Week 8 First Impression

As a child who grew up in a small town with very few people my age, books and video games were my two primary sources of entertainment. At the time, I shied away from some of the more graphic games, but I think that might have had more to do with my fondness for puzzle games than anything else. Video games that are gratuitously violent or gory tend to annoy me because I don’t think it’s necessary most of the time. If the game itself is focused on action, then I can understand the desire to make it more realistic and to more accurately portray the damage in the game. It’s games like Mortal Kombat and its “fatalities” for example that I think are needlessly and excessively violent. To some up my thoughts on violent video games, I don’t have a problem with violence as long as it serves to further or enhance the story that is already being told. If the focus is not on any discernible story but is instead on the violence itself, then I take issue.

I think calls to have violent video games banned are a knee-jerk reaction that, while well intentioned, would not likely be all that effective. To start, I can see why the impulse is there. I do think that if kids start playing these games too young that there can be some desensitization to violence. However, I don’t think these games necessarily increase levels of aggression in children. It’s very possible that children who are already prone to violence are the ones who will become more aggressive with exposure to these games. From a logistic perspective, there would likely be too much pushback from the adults who enjoy these games to ban them entirely. The best that we can get is a rating system such as the one we already have that could be perhaps improvement by more stringent evaluation.

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One thought on “Week 8 First Impression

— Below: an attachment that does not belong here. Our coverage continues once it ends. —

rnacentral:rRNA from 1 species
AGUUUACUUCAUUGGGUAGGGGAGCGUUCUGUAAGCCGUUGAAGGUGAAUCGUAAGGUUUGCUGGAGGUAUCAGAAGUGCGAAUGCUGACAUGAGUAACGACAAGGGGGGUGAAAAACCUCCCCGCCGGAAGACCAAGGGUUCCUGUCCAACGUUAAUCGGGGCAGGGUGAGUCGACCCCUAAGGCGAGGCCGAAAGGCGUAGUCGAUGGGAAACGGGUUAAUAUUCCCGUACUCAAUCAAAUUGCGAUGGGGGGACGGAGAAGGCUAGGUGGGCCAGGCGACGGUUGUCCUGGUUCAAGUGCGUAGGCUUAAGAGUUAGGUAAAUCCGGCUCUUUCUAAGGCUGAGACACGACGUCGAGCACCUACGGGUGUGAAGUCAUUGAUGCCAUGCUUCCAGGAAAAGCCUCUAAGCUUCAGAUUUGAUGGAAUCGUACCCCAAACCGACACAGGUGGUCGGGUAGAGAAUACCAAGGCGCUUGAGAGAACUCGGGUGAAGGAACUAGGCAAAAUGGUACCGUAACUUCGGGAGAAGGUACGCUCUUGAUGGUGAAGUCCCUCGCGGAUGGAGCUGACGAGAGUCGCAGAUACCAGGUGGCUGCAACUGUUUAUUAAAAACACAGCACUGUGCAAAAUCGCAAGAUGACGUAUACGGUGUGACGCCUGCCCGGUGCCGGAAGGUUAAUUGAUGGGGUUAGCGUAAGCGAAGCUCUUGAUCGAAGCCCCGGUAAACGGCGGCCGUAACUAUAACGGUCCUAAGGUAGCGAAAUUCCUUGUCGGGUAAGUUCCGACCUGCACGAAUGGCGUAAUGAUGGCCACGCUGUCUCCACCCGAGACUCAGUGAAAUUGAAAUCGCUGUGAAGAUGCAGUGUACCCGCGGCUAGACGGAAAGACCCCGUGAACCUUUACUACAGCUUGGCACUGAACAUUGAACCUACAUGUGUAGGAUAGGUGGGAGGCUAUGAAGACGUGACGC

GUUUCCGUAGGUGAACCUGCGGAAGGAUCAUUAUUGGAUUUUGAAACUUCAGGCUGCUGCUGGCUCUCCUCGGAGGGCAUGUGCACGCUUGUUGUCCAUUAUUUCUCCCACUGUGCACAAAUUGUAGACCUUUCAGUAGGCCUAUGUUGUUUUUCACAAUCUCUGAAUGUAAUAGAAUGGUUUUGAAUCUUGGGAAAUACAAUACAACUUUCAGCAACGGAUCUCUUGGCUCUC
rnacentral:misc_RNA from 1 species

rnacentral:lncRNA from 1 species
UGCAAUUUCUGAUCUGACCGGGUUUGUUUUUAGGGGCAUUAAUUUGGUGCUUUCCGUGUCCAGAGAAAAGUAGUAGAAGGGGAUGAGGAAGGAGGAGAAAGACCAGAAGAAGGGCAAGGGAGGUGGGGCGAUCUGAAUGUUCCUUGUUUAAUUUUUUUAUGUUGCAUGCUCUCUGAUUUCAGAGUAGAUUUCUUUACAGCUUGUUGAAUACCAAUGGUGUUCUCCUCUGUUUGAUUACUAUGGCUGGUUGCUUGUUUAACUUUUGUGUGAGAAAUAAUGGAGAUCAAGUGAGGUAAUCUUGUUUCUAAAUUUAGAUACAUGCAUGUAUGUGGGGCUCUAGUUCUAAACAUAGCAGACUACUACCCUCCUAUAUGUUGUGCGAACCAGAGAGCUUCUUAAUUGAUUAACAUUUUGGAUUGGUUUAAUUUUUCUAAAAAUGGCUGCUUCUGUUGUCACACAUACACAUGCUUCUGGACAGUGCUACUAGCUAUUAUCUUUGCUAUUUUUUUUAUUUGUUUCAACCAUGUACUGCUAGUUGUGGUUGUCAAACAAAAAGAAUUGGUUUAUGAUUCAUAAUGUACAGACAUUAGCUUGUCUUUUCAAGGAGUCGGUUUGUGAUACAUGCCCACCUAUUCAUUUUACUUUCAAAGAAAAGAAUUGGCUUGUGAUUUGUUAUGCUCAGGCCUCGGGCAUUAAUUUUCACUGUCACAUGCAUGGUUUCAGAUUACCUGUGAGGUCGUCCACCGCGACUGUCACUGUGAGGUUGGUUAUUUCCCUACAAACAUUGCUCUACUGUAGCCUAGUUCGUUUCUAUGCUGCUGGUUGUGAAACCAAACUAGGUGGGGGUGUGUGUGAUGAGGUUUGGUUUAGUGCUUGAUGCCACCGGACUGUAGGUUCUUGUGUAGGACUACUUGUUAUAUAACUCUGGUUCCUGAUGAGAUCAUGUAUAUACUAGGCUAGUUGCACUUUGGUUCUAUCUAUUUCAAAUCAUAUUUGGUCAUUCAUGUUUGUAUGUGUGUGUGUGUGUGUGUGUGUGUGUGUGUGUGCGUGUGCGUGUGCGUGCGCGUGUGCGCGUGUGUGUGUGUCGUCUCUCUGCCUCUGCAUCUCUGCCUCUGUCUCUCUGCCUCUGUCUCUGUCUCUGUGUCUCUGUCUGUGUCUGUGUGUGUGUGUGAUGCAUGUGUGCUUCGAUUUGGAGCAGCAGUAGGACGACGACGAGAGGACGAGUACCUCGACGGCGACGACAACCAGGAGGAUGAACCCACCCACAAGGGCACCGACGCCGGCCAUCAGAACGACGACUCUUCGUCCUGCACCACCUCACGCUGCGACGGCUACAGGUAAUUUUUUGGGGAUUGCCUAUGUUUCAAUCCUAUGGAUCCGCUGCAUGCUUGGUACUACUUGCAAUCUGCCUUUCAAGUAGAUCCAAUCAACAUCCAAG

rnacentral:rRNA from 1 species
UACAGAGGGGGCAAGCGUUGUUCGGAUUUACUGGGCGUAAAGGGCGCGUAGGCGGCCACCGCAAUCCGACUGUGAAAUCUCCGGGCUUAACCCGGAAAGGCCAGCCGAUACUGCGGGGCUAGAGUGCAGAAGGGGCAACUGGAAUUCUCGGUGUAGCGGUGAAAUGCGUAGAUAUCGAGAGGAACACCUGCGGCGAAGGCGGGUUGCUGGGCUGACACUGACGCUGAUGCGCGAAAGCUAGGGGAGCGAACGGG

1. This first impression was not only extremely insightful and intelligent, but also, I think, very well reasoned. I agreed with the overwhelming majority of points made in this post, and I find it difficult to refine it much beyond sharing my own insight and attempting to build on the ideas you have laid out here. As a fellow puzzle enthusiast, I share your feelings for needless violence just for the sake of violence, and I think it is these situations above all that may lead to increased violence in children who experience them. I also agree with your point about the rating system, and I think it is this area that opens up the most interesting line of discussion here. I would begin by asking why the rating system is there in the first place, because, while this seems a simple question, the answer leads to important realities of young people. The rating system is in place to protect those too young from graphic or explicit content, but why? I believe it is because they don’t yet have enough life experience to fully understand these situations and their implications. Lack of experience leads to an inability to process or compartmentalize disturbing things, because, instead of using reason built from experience, a child reacts using emotions. For example a child playing a very tastefully violent and historically accurate video game could think, by no fault of their own, that he wants to point guns at “bad guys” just like his video game character does. Without the life experience to know what the implications of pointing a gun at someone really means, these thoughts could be normalized for the child and be just as dangerous as an excessively and needlessly violent video game. For this reason I believe that it is the job of the parent or care giver to explain in no uncertain terms, the meaning and implications of the violence in video games as it applies to the real world. To summarize, this is a very long winded way of furthering your discussion to include potential negative effects of the ignorance and lack of experience that comes with young age on normalization of violence for children. Hope you found this point of view interesting and were not put to sleep by its length! Looking forward to reading your future posts.

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